Before the Devil Knows You’re Dead

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before the devil knows
I hate to break this to you, but…Albert Finney likes me more than you.

Michael Douglas, as Gordon Gekko, says in Wall Street “Greed is good.”

Perhaps he should watch this movie. In fact, let’s get Quentin Tarantino to watch this, too. Let him see how a heist picture can be just as good as anything he’s done; and by a filmmaker that’s in his 80s! I can’t believe Sydney Lumet is that old still pumping out great films like this.

Serpico, Dog Day Afternoon, and Network were all in the 1970s.

Network snagged 5 Oscar nominations for the actors, and I’d love it if this got that many. Give Albert Finney the Oscar for Best Supporting Actor, and Ethan Hawke, an actor I’m not usually a fan of, deserves a nomination for Best Actor. Philip Seymour Hoffman was good, but I won’t be crushed if he doesn’t get a nomination. Yet I would love Michael Shannon, in his very small role, to get a Supporting Actor nomination as well.

As for the ladies, I’d love Amy Ryan and Marisa Tomei to get some love as well. They’re wonderful, although I’m still not sure I understand the point of such a gratuitous opening sex scene, but hey – Tomei looks great, so I’ll stop complaining.

I can’t tell you a lot about the plot without giving things away, so I’ll purposely be vague. Hoffman and Hawke are brothers (they look alike, don’t they?). Hoffman convinces Hawke to rob a small, mom-and-pop jewelry store to help solve their money problems (we see Hawke having fights about paying child support, but Hoffman has a great job).

And like Pulp Fiction, we get some time jumps in the various time sequences, but it’s very easy to follow.

First time screenwriter Kelly Masterson does a masterful job with the story, as we’re slowly given information that keeps getting us more and more intrigued with what is unfolding on the screen.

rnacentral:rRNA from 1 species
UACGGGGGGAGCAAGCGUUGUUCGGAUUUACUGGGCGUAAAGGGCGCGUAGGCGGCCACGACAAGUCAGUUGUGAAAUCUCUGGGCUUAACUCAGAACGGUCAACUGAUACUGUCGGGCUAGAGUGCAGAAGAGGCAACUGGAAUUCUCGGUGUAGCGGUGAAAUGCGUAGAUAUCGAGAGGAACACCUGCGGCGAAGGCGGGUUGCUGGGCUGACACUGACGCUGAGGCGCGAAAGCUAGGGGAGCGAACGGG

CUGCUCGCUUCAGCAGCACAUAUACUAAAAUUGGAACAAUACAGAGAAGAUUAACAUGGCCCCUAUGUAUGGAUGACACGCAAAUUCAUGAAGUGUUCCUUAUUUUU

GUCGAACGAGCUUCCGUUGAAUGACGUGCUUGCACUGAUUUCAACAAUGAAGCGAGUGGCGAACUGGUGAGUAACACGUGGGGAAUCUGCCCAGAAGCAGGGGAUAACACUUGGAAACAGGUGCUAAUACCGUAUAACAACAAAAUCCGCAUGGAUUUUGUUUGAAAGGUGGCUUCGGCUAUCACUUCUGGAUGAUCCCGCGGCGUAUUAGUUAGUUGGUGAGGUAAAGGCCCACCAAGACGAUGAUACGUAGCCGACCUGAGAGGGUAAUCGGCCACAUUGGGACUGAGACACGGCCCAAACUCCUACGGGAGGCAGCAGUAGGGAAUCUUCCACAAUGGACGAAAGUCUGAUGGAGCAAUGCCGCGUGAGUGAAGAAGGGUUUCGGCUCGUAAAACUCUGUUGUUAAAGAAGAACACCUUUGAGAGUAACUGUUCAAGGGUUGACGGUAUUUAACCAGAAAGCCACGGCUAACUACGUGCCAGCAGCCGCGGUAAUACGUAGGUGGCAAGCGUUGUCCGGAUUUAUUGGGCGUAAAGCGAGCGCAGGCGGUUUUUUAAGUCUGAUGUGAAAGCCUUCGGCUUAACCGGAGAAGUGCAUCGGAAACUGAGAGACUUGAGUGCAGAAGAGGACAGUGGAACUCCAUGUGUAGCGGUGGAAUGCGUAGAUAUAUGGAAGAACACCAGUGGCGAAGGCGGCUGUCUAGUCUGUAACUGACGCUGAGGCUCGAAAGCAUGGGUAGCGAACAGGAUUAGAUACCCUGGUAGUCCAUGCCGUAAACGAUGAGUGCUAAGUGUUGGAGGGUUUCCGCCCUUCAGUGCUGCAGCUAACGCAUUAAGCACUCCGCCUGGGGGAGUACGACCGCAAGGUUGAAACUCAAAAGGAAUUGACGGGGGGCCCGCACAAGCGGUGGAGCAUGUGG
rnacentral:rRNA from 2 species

Albert Finney plays their father, and he reminds you of so many fathers. He loves his sons, but has a hard time showing it. He isn’t afraid to call one of them a baby, or show favoritism. He’s old school. Yet the affection he shows for his wife (Rosemary Harris) is wonderful. They do crossword puzzles together, and lament eye tests at the DMV.

I’m guessing the Coen brothers, who gave us the great crime drama Fargo, would enjoy this picture. The musical score is also done by Carter Burwell, who has done all their films.

Here’s something I really love in a movie that is done perfectly, as this movie is. Little scenes that I’ve seen in hundreds of other films and hated, are done right here. One of those scenes involves a man questioning police about a crime. He wants answers that they just can’t give him. He gets angry, and they seem angry by his harassing them. Yet the cop never says anything disrespectful. In other movies the cop would say “Why don’t you go home, get some sleep old man, and stop bugging us. We’ll call ya when we hear something.”

Another scene I loved involved Michael Shannon, playing a slimeball. Yet at the point in the movie where we meet his character, he doesn’t seem quite as bad as the other slimeballs. The way he commands the screen, and that particular situation, is just a thrill to watch.

I’m going to see this movie again when it’s released, and I suggest you do the same. It’ll be on my list of best movies of the year.

I’m giving it an A.



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